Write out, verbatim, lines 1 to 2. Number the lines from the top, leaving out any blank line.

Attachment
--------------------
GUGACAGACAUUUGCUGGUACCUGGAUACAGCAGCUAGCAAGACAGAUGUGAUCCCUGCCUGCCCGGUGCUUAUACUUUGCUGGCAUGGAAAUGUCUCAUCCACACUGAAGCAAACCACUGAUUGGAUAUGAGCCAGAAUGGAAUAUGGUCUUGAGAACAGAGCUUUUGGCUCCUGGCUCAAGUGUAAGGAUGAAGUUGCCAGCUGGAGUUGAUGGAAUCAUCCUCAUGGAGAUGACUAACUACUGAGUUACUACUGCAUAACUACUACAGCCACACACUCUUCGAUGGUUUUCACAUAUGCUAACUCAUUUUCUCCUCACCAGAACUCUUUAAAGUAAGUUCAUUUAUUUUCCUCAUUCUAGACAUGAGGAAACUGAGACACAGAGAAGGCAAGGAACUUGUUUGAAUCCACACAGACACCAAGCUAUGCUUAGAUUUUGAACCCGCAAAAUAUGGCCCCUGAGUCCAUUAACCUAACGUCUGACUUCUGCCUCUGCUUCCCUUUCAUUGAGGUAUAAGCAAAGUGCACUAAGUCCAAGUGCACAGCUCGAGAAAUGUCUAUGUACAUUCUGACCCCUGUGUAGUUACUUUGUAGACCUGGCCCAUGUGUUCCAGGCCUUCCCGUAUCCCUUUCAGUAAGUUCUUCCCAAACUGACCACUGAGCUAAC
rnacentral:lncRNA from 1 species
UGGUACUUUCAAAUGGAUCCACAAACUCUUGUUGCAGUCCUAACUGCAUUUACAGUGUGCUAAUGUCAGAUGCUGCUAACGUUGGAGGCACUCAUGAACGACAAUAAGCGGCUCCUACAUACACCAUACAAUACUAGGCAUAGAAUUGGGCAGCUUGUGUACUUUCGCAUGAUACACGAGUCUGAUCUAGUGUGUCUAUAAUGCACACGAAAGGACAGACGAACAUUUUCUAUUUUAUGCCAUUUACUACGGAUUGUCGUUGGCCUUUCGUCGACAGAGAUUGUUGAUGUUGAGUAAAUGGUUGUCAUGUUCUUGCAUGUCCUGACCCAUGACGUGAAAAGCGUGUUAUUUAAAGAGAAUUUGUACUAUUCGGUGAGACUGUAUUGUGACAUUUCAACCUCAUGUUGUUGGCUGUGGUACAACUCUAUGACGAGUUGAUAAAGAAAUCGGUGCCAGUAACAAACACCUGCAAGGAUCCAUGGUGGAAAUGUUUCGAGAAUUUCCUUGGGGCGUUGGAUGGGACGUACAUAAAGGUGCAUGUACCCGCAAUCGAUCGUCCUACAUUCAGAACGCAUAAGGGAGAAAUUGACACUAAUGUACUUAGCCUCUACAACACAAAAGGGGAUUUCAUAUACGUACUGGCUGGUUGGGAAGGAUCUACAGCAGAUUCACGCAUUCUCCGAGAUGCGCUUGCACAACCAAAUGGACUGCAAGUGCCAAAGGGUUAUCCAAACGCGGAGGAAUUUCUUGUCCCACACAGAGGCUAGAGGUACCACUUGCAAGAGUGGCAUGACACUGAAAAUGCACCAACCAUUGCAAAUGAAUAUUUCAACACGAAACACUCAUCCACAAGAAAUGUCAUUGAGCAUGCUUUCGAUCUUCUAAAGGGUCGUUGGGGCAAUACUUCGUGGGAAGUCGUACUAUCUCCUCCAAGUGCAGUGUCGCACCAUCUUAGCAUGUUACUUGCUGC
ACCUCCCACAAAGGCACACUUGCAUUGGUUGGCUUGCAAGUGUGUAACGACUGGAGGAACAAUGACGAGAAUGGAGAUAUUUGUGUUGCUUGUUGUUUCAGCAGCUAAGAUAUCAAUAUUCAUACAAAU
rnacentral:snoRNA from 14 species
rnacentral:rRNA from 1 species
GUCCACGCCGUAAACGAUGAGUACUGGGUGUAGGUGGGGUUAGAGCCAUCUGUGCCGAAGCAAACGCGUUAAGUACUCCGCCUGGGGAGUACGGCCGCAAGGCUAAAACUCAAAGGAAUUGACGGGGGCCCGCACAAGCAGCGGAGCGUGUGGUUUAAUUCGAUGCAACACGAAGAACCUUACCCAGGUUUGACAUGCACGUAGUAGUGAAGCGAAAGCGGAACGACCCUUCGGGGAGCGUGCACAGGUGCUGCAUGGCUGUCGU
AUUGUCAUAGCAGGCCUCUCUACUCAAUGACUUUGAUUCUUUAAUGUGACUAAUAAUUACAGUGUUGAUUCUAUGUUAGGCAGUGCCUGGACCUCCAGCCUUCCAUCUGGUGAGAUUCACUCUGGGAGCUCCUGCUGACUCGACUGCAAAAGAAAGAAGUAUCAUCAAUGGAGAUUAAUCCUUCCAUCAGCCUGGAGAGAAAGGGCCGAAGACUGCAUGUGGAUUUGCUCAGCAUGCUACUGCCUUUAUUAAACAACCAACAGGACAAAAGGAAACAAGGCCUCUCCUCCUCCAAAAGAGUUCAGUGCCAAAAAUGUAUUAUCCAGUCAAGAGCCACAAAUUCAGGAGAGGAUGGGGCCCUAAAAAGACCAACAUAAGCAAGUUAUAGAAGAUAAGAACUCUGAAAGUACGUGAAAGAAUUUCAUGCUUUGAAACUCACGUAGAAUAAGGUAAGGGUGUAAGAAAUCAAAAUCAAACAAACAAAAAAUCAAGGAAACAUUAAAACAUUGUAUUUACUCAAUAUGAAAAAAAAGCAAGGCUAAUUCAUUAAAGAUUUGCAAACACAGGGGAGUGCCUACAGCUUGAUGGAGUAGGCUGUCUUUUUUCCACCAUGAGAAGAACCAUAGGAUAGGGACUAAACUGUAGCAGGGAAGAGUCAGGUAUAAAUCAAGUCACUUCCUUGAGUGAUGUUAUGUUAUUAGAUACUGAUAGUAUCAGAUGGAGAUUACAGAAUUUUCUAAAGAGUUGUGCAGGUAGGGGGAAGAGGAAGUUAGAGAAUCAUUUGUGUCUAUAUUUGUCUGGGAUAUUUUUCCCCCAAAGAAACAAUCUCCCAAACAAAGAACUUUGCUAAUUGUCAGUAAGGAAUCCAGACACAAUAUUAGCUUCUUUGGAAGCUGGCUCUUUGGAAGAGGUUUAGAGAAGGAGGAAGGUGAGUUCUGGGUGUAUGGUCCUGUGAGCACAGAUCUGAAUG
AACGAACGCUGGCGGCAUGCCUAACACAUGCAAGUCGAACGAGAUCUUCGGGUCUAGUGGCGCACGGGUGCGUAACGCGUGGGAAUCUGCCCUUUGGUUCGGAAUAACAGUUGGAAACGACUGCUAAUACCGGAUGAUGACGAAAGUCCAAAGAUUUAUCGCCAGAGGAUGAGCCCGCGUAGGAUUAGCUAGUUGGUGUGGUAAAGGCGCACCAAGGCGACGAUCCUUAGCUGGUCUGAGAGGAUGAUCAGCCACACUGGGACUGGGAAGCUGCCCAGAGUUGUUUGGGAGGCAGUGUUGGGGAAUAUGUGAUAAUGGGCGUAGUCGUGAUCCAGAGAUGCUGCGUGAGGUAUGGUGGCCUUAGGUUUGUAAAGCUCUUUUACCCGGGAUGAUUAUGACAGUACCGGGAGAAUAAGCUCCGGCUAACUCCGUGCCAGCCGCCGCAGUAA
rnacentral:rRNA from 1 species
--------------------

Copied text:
GUGACAGACAUUUGCUGGUACCUGGAUACAGCAGCUAGCAAGACAGAUGUGAUCCCUGCCUGCCCGGUGCUUAUACUUUGCUGGCAUGGAAAUGUCUCAUCCACACUGAAGCAAACCACUGAUUGGAUAUGAGCCAGAAUGGAAUAUGGUCUUGAGAACAGAGCUUUUGGCUCCUGGCUCAAGUGUAAGGAUGAAGUUGCCAGCUGGAGUUGAUGGAAUCAUCCUCAUGGAGAUGACUAACUACUGAGUUACUACUGCAUAACUACUACAGCCACACACUCUUCGAUGGUUUUCACAUAUGCUAACUCAUUUUCUCCUCACCAGAACUCUUUAAAGUAAGUUCAUUUAUUUUCCUCAUUCUAGACAUGAGGAAACUGAGACACAGAGAAGGCAAGGAACUUGUUUGAAUCCACACAGACACCAAGCUAUGCUUAGAUUUUGAACCCGCAAAAUAUGGCCCCUGAGUCCAUUAACCUAACGUCUGACUUCUGCCUCUGCUUCCCUUUCAUUGAGGUAUAAGCAAAGUGCACUAAGUCCAAGUGCACAGCUCGAGAAAUGUCUAUGUACAUUCUGACCCCUGUGUAGUUACUUUGUAGACCUGGCCCAUGUGUUCCAGGCCUUCCCGUAUCCCUUUCAGUAAGUUCUUCCCAAACUGACCACUGAGCUAAC
rnacentral:lncRNA from 1 species